Swapping Threat Information – For companies, the ability to share threat information is critical – yet it’s hampered by concerns over privacy regulations. As of right now, it’s not clear how much or what types of information companies can share between themselves and the government without running afoul of privacy concerns. The administration claims to have made progress on the privacy issue, but the new cybersecurity framework doesn’t really accomplish any meaningful changes – the language is too broad to be impactful. Until that changes, companies will continue to sit on critical information about active and emerging cyber threats, instead of letting others know so they can protect themselves. The ability to exchange active threat information is one of the most critical aspects needed for true cybersecurity reform.
Is This the First Step Toward Regulation? – While the framework is voluntary, some have mentioned the possibility that we could see a type of “shadow liability” emerge as a result of it. As the argument goes, the next time a critical infrastructure company is hacked, civil or shareholder lawsuits could potentially cite negligence if it turns out the company wasn’t keeping up with the framework. This could very well be the case – even more so with regulatory agencies and government procurement offices. But, again, the framework is too general and a la carte to make this meaningful. It may force more companies to do a better job of documenting their cybersecurity programs, but won’t necessarily lead to better programs.
The SMB Problem – Another potential snag with the current framework is that it doesn’t really solve the small business problem. SMBs lack the money and resources to implement meaningful cybersecurity. Since they comprise the supply chain of larger companies, that means they also undermine their security. As we saw in the recent Target breach, an HVAC contractor may have been the root cause of a massive corporate hack that ultimately effected 110 million consumers. The current framework doesn’t provide a solution to this; it’s designed primarily for enterprise-class companies.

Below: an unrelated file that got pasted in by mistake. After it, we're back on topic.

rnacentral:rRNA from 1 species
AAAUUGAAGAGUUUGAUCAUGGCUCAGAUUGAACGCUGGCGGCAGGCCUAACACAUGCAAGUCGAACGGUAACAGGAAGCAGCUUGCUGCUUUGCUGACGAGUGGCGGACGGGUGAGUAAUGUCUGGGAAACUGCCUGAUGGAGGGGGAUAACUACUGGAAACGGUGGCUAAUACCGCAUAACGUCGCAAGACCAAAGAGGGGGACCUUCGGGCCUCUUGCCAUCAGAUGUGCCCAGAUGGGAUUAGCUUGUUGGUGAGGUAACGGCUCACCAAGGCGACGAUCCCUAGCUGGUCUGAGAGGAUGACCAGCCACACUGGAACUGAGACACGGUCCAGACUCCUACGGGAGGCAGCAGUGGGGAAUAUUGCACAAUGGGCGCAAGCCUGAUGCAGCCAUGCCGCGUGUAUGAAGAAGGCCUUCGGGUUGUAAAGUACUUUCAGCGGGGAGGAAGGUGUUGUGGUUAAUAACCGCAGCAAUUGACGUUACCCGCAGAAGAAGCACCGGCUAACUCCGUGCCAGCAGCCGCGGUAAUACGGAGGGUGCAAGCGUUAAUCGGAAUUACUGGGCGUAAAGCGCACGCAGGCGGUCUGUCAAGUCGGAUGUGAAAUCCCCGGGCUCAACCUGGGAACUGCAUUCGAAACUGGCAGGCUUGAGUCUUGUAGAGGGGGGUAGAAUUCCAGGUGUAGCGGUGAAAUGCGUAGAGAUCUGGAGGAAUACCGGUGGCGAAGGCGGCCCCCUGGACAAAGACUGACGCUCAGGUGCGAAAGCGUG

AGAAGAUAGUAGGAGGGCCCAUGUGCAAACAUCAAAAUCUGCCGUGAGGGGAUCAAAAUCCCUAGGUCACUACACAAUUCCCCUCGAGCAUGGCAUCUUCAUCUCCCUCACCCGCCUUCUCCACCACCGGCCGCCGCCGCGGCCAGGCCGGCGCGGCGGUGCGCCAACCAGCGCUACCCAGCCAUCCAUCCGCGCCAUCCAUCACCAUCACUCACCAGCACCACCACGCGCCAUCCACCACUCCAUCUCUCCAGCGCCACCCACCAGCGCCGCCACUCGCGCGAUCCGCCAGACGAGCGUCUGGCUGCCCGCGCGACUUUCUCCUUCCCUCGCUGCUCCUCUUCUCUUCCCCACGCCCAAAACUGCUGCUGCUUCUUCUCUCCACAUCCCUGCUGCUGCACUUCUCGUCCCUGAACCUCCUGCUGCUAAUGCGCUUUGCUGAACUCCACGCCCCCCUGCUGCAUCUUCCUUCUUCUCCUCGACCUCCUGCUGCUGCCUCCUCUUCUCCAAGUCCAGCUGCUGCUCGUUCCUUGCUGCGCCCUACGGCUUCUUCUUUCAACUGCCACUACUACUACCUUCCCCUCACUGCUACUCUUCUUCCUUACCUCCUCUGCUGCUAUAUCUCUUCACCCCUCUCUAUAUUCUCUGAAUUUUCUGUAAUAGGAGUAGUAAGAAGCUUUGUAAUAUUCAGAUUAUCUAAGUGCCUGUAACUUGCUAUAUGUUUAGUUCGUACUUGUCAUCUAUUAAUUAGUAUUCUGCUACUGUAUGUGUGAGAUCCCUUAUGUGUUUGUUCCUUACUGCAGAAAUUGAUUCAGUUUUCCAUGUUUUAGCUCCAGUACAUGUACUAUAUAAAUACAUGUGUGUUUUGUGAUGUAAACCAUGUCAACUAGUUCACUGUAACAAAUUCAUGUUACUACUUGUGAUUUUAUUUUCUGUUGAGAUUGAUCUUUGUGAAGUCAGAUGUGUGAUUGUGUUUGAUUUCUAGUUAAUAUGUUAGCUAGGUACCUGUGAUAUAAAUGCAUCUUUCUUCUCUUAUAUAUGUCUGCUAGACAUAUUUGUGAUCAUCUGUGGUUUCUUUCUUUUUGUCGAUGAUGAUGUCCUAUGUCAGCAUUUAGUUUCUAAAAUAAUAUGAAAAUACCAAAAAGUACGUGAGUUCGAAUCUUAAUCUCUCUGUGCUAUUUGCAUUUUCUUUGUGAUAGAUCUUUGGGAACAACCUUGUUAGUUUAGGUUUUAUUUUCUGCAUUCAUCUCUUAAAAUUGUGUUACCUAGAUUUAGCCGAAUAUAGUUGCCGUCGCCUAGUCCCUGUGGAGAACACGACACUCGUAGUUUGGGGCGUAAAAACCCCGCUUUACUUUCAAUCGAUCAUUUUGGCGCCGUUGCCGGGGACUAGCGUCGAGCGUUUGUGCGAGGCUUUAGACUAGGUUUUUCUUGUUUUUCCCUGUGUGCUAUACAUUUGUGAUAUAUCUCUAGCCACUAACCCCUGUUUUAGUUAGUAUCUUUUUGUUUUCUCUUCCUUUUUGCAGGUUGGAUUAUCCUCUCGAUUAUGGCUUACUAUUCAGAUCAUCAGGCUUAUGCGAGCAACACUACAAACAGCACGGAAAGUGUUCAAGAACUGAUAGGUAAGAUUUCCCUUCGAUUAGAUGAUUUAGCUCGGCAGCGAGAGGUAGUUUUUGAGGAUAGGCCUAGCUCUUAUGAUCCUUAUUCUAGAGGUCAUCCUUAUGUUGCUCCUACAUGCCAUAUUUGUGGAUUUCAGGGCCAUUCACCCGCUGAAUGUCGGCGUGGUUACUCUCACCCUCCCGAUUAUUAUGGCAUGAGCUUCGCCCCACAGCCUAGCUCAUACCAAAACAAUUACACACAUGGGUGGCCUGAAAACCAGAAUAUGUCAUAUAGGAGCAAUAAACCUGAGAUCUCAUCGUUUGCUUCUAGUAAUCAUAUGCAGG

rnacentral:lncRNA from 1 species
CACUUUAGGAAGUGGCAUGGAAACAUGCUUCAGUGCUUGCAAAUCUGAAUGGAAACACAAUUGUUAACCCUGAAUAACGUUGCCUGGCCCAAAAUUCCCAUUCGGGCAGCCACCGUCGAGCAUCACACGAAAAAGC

About the author: Rick Hayes is the ‘force’ practice lead at TrustedSec, a cybersecurity/ethical hacking firm that consults for Fortune 10s/100s/500s, as well as major financial institutions, energy, telecom, local governments and international governments. Hayes oversees the company’s penetration testing program, which involves testing corporate and industry defenses for weaknesses state-sponsored hackers could use to break in. He is a former US Navy intelligence specialist, past information security officer for a major apparel retail company and previously led the operational security teams at several major corporations. www.trustedsec.com
Business Insider Emails & Alerts
Site highlights each day to your inbox.